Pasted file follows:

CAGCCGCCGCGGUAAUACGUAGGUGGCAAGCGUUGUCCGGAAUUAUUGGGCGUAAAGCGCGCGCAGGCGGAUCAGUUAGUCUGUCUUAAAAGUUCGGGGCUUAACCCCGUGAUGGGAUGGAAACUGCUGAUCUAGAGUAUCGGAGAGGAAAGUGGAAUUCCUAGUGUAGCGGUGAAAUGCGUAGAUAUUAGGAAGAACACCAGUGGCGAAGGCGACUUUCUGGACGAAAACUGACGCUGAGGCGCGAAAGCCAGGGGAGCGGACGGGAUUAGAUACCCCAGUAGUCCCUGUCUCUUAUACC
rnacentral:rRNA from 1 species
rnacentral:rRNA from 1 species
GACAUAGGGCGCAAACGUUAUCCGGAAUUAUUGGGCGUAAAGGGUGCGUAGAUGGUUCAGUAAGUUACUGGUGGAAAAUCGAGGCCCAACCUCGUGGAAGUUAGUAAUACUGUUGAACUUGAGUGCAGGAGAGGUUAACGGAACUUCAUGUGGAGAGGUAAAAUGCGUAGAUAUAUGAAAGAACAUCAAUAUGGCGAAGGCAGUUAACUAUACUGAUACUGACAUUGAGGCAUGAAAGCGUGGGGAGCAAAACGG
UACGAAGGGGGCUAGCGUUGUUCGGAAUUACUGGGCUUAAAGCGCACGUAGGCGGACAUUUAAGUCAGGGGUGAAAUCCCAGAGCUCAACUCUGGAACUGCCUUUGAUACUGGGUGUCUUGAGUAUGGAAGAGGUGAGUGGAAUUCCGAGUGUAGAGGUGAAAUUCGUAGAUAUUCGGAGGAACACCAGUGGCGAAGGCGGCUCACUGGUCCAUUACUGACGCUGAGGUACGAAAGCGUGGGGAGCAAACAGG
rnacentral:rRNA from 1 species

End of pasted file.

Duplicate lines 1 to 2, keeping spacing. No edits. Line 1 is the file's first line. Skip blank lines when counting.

CAGCCGCCGCGGUAAUACGUAGGUGGCAAGCGUUGUCCGGAAUUAUUGGGCGUAAAGCGCGCGCAGGCGGAUCAGUUAGUCUGUCUUAAAAGUUCGGGGCUUAACCCCGUGAUGGGAUGGAAACUGCUGAUCUAGAGUAUCGGAGAGGAAAGUGGAAUUCCUAGUGUAGCGGUGAAAUGCGUAGAUAUUAGGAAGAACACCAGUGGCGAAGGCGACUUUCUGGACGAAAACUGACGCUGAGGCGCGAAAGCCAGGGGAGCGGACGGGAUUAGAUACCCCAGUAGUCCCUGUCUCUUAUACC
rnacentral:rRNA from 1 species